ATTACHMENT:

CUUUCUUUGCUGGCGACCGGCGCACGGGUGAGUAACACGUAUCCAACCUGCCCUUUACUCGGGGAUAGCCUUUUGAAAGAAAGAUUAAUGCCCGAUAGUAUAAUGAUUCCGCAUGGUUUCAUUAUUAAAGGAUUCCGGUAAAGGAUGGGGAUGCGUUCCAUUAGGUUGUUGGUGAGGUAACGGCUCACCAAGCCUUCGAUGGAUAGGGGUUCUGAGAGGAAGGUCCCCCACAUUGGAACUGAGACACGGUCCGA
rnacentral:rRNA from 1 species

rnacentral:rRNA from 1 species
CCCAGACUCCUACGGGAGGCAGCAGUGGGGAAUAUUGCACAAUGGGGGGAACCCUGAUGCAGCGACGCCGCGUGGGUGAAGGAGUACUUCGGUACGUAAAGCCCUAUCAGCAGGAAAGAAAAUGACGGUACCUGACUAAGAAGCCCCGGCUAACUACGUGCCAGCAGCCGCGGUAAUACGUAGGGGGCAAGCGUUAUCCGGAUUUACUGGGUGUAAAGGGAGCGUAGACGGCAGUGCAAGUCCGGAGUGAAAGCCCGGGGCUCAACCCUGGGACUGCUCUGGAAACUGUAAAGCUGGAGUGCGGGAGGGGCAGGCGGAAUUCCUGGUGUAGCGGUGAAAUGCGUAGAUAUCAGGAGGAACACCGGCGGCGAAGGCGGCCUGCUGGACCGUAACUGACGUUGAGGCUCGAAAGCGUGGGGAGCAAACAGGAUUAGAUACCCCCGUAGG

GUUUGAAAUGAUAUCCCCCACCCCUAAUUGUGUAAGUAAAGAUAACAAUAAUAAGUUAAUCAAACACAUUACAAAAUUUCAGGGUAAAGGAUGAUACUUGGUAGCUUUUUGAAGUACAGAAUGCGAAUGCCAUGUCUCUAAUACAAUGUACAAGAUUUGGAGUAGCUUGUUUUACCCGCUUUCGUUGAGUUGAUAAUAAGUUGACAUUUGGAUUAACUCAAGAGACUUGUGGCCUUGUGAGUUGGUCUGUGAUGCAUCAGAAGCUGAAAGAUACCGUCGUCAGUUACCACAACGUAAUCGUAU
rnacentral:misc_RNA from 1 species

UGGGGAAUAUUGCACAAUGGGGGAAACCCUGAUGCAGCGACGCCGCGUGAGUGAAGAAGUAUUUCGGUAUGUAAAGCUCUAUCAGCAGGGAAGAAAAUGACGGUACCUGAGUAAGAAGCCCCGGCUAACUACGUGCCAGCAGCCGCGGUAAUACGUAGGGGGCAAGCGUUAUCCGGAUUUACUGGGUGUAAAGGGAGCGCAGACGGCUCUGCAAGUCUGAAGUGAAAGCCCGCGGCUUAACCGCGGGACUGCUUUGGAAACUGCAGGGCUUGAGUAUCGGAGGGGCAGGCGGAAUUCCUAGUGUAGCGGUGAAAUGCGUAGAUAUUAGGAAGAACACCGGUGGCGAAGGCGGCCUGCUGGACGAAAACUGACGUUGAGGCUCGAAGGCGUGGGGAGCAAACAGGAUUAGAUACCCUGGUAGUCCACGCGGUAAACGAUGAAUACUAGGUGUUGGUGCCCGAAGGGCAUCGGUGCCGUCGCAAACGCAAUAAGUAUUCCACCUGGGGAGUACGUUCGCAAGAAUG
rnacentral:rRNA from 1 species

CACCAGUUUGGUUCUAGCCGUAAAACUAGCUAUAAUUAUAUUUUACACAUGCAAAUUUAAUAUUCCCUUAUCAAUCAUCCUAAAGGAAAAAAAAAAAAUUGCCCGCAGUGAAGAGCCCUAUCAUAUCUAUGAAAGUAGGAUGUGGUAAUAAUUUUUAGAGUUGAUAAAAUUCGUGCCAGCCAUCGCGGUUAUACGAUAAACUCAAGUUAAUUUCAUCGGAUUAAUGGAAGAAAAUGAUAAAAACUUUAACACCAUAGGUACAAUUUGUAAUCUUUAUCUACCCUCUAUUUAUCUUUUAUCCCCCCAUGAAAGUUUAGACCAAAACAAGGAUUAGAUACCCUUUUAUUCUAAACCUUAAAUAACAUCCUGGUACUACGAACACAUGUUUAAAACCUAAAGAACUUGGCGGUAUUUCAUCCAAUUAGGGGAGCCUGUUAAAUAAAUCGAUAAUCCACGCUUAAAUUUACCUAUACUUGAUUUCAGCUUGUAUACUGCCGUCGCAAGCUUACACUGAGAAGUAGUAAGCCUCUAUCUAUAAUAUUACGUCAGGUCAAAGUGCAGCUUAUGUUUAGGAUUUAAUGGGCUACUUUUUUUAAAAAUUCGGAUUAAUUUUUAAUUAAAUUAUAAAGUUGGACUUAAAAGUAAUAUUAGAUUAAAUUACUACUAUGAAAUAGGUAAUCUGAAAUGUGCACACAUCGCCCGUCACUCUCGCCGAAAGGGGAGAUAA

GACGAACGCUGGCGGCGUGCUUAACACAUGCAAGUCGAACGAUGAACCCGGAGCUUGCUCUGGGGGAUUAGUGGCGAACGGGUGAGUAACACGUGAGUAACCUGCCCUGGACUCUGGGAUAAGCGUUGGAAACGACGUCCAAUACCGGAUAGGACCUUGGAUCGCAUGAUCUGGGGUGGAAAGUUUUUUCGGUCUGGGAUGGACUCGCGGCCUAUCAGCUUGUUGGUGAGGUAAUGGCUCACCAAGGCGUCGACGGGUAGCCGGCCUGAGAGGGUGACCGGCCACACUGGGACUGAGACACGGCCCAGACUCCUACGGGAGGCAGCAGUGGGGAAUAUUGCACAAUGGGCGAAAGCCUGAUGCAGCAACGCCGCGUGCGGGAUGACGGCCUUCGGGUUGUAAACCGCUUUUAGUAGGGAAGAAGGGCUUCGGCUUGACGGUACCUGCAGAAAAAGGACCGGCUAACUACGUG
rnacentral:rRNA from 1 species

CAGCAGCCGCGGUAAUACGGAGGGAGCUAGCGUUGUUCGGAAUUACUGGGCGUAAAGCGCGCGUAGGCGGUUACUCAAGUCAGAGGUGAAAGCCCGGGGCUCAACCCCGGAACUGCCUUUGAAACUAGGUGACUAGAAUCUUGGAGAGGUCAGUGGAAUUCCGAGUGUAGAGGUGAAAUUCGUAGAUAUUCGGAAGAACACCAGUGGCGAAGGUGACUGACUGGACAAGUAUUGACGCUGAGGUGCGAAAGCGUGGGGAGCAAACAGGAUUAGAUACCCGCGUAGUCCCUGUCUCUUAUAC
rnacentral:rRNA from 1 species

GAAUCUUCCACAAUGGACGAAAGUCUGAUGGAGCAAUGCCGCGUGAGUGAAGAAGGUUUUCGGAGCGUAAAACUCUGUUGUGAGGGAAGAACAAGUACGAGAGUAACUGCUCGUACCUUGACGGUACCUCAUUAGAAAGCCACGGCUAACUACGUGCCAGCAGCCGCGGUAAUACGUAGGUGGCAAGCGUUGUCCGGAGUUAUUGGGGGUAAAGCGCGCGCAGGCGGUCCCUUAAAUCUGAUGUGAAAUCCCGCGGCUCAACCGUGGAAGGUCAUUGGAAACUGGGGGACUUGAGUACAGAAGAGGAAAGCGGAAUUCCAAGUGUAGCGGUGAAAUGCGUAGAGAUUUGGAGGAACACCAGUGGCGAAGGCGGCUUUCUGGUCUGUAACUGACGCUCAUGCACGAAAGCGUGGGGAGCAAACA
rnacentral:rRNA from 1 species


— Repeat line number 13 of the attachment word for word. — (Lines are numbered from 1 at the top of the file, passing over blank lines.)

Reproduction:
rnacentral:rRNA from 1 species